Are entertainment expenses tax deductible, yes or no?
Every business has been there. The office Christmas party, the staff member’s birthday, the lunch with a major client. These are examples of business entertainment expenses.
Can you claim a tax deduction for entertainment? Probably not, but maybe yes. It’s a grey area and depends on four questions and a few specific rules – Why, What, Where and When. It affects Income Tax, as well as Fringe Benefits and Goods and Services Tax implications.
So, what is entertainment, and what isn’t?
Simple meals and refreshments provided at a business meeting or seminar, aimed at providing sustenance (e.g. sandwiches, muffins, biscuits, tea, coffee, orange juice), are seen as deductible expenses in the eyes of the ATO.
This is because sustenance is not entertainment. Meals on business travel overnight are not seen as entertainment either.
Having lunch with a client may seem to have a legitimate business objective. But a lavish three course meal, served with regular alcohol, between the hours of 2pm and 4pm on a Friday at a trendy restaurant, would suggest a more social than business motive.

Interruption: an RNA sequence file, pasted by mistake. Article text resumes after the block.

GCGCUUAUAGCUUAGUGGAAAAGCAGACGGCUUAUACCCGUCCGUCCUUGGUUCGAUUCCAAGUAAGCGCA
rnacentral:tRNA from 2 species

Therefore, this example would be classed as entertainment, and would be non-deductible.
The four factors of Why, What, Where and When should tie together, and make sense. So, if a business lunch has the aforementioned 4 W’s supporting the notion of a business purpose, then it can be classed as non-entertainment.
So, while the days of claiming a deduction for lavish business lunches as per the 80‘s and 90’s era are gone, the 4 W theory opens an avenue for some business lunches to be tax deductible.